“He always thought of the sea as ‘la mar’ which is what people call her in Spanish when they love her. Sometimes those who love her say bad things of her but they are always said as though she were a woman. Some of the younger fishermen, those who used buoys as floats for their lines and had motorboats, bought when the shark livers had brought much money, spoke of her as ‘el mar’ which is masculine.
They spoke of her as a contestant or a place or even an enemy. But the old man always thought of her as feminine and as something that gave or withheld great favours, and if she did wild or wicked things it was because she could not help them. The moon affects her as it does a woman, he thought.”
On my recent trip to Sardinia, in front of the November sea, I kept coming back to Hemingway and his simple observation on el mar / la mar. I realized that the sea is la mar for me too and that a year without touching base with it is an empty one.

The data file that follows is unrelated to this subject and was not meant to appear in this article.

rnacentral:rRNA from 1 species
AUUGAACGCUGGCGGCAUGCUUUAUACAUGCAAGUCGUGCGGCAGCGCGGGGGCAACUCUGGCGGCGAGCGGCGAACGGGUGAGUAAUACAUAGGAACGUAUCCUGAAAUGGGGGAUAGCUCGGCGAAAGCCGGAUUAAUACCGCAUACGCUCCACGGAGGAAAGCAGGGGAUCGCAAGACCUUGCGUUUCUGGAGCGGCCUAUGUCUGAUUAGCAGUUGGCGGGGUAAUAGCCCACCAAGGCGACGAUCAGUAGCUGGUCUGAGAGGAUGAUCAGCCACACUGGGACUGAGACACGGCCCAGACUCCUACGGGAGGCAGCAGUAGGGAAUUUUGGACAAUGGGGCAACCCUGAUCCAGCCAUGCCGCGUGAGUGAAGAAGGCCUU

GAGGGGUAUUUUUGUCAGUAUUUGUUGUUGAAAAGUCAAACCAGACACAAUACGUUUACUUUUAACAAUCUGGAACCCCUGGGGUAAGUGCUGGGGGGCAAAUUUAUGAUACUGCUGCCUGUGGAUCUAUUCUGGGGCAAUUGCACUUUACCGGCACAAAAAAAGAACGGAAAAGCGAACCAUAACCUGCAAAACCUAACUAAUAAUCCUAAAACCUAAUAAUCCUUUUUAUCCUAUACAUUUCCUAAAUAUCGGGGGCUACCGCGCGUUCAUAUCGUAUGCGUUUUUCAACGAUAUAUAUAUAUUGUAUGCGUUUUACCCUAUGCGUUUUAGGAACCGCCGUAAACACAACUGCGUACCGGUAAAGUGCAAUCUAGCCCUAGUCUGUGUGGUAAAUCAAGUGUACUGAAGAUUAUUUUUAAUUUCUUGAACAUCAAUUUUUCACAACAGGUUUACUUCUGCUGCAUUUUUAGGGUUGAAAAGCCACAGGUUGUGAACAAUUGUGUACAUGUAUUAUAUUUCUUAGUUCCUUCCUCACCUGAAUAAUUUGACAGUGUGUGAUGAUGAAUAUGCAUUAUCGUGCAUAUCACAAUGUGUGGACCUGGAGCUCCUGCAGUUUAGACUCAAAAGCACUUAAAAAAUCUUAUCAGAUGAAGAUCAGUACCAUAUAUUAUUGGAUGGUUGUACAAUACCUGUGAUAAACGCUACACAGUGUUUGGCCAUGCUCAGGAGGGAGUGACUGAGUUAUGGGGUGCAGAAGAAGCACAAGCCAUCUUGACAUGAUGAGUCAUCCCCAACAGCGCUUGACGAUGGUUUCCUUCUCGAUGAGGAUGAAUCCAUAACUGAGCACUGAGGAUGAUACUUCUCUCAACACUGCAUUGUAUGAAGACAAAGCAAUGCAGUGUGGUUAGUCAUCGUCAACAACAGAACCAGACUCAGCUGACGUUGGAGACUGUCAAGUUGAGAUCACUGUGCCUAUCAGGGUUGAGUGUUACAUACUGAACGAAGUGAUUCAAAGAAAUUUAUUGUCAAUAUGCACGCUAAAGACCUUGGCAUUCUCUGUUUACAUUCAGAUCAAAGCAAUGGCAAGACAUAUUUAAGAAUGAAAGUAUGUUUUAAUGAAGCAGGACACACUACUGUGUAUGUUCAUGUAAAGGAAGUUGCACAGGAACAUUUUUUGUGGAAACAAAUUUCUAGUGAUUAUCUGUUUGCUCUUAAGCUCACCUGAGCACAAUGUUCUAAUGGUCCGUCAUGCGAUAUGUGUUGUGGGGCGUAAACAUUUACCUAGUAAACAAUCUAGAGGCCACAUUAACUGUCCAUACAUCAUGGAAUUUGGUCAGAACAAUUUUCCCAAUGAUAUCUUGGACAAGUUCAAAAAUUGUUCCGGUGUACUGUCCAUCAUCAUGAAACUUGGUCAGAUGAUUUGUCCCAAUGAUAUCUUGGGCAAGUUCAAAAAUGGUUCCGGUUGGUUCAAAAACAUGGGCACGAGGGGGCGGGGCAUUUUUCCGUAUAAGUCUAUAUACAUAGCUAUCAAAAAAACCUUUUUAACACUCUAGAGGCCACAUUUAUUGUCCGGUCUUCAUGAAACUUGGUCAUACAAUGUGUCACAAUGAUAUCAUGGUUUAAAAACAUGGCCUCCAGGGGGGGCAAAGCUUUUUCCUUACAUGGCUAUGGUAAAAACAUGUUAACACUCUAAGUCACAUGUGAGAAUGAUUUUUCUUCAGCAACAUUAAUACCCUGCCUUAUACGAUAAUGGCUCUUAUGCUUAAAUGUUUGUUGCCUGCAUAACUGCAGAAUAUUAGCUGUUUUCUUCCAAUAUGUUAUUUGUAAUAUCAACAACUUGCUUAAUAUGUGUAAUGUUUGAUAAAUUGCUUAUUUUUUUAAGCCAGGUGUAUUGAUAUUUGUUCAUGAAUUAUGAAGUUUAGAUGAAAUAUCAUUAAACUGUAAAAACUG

Sardinia is a wild blend of mountains and beaches and is never greener as it is in late October and November. On all my trips to Italy, I have never eaten a better pizza (Ciao, bambina), spoken more Italian, learned more about goats and sheep, or left more inspired (I drafted an entire novel after witnessing a conversation about a woman who had died a few years ago). I even briefly joined a strike in Cagliari, did some country labour (who knew almonds grew on trees?), and swam in a cold sea, under a warm sun. Sardinia is a place where almost everyone has a white car and a white dog, where, in rural houses, you might see pioggia (rain) scribbled on calendars, and a place where a local will nonchalantly tell you: Il Sardo non e amante del mare (Sardinian people are not lovers of the sea).
It is a perfect island although I could never live in a place where snow doesn`t exist 🙂